STRENGTH:  Let me bring to mind an athlete you may or may not have heard of: Pyrros Dimas.  Dimas was a three time Olympic gold medalist for weightlifting.  He weighed in at a meager 182 pounds, yet lifted 473lbs over his head in the Sydney Olympics.  He was the ultimate example of a strength athlete, and is one of my personal heroes.   

So how is it possible that Dimas was able to get so ungodly strong without becoming enormous and inflexible?  Well he, and other strength athletes alike, train for Myofibrillar hypertrophy, or an increase in overall muscle fiber connections.  This type of training surprisingly does NOT drastically increase cross-sectional area or overall volume of the muscle being trained, but instead allows the muscle to contract with much more force than it could previously.  Believe me, to put that much weight over your head, you need a LOT of targeted, raw, force.  

Myofibrillar hypertrophy deals more with fast twitch, or type II muscle fiber, the kind often referred to as "usable muscle."  Athletes like sprinters, Olympic lifters, power lifters, and other related force athletes often have large amounts of fast twitch muscle.  This muscle contracts, as the name implies, hard and fast, and can apply great amounts of energy to objects in very short amounts of time.  It is not, however, very effective endurance muscle.  Muscles can only contract with remarkable force for relatively short periods of time, hence the reason that joggers, bodybuilders, Nordic skiers, swimmers, and other endurance athletes (I put bodybuilders in there because of their ability to hit fantastic numbers of reps, NOT their running ability, which I'm sure is horrendous) possess much more slow twitch, endurance muscle fiber.  

It's always good to get strength training into your workout routine, as being able to lift heavy weights is not only healthy, it also builds a more solid body and strong neural connections between your brain and your muscles.  So where do you start?  Well, first of all, drop the huge number of reps.  Next, increase the weight.  Finally, do this for a good number of sets, 10 or so.  For an olympic lifter, a squat workout program may look like this:  10 sets of 2 reps, every rep at around 85-95% of max.  Believe me, though it may look like an easy workout, it is anything but.  That weight is very heavy, and will ALWAYS be very heavy.  This type of training does work though, and I can personally vouch for it.  The majority of my training is strength targeted.  My squat has gone up around 90lbs in 6 months, and shows no signs of slowing down.  And I don't look too much different, implying I haven't experienced much sarcoplasmic hypertrophy.  Watch out Dimas, here I come!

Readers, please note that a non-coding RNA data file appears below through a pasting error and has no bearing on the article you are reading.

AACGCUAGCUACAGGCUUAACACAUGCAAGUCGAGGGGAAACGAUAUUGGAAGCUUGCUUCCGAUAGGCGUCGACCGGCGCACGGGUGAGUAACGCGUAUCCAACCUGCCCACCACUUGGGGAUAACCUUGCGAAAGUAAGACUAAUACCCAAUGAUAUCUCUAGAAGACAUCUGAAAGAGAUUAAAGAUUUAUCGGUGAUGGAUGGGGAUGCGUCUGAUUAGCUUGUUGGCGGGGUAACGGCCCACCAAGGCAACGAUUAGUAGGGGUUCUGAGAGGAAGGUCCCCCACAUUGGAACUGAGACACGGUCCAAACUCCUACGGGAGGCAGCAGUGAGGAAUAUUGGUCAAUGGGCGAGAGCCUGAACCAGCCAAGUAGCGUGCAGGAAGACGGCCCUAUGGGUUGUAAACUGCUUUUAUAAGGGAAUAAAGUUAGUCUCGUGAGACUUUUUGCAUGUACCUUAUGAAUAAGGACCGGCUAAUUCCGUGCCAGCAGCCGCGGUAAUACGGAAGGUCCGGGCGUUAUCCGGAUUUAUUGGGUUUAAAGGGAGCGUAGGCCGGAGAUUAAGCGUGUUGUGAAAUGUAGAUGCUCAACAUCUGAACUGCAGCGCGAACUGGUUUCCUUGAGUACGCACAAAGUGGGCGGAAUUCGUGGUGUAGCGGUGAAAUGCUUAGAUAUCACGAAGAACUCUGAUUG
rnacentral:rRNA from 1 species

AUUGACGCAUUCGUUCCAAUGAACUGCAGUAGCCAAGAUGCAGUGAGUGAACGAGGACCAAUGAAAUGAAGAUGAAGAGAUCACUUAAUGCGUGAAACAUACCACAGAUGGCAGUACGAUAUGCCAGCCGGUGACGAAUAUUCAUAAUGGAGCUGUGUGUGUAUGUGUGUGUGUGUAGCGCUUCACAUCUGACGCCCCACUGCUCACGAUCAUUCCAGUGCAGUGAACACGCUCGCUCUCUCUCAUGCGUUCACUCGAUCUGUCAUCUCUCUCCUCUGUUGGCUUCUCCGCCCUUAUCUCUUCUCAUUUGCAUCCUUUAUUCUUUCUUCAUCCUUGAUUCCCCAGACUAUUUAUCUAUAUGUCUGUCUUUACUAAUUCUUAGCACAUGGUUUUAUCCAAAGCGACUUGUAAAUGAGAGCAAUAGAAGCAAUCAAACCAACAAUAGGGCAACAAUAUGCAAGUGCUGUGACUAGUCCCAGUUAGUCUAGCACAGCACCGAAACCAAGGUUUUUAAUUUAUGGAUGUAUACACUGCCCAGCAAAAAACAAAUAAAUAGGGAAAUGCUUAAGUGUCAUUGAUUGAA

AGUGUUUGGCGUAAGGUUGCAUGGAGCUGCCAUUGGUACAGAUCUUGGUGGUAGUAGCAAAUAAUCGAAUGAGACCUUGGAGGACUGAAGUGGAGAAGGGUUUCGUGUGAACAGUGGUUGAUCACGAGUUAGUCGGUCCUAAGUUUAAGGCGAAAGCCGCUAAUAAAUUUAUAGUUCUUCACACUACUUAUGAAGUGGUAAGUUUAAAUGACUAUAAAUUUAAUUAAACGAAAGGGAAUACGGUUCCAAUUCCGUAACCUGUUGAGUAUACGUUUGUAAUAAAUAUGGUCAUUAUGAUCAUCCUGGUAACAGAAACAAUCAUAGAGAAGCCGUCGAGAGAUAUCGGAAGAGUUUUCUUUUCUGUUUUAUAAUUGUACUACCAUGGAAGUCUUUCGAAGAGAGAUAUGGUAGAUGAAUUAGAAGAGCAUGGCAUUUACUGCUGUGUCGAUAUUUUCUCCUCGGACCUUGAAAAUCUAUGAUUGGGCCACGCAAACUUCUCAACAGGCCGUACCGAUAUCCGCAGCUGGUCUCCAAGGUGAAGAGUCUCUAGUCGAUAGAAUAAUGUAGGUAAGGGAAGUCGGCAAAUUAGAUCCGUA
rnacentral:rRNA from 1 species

So which is the best way to train?  ....HAH!  What a silly question.  That's not possible to answer, and rarely will anybody who knows there stuff about exercising/fitness give you a straight shot one way or another.  For the average person, I suggest a mixture of both!  You'd like to look good and be strong at the same time, right?  Well that's a great goal, AND entirely possible.  Switch up your workout, either weekly, monthly, yearly, daily, I don't care.  Confuse your body, train both high and low reps, high and low weight, high and low volume.  You want to see benefits across the board right?  Well you will!  There's always carryover from each type of training.  Even though I said bodybuilders aren't relatively strong...well...I said RELATIVELY.  They're still unbelievably strong, because look at how much muscle mass they've got!  And sure, Olympic lifters aren't overly huge, but I mean they aren't exactly tiny either.  Train for both size and strength, and you'll get both.  Sure, what you'll always get isn't the BEST of either world, but it'll be a pretty good start into each one, and it'll do your body a huge favor.

Get big, get strong, and as always, good luck!

1 comment: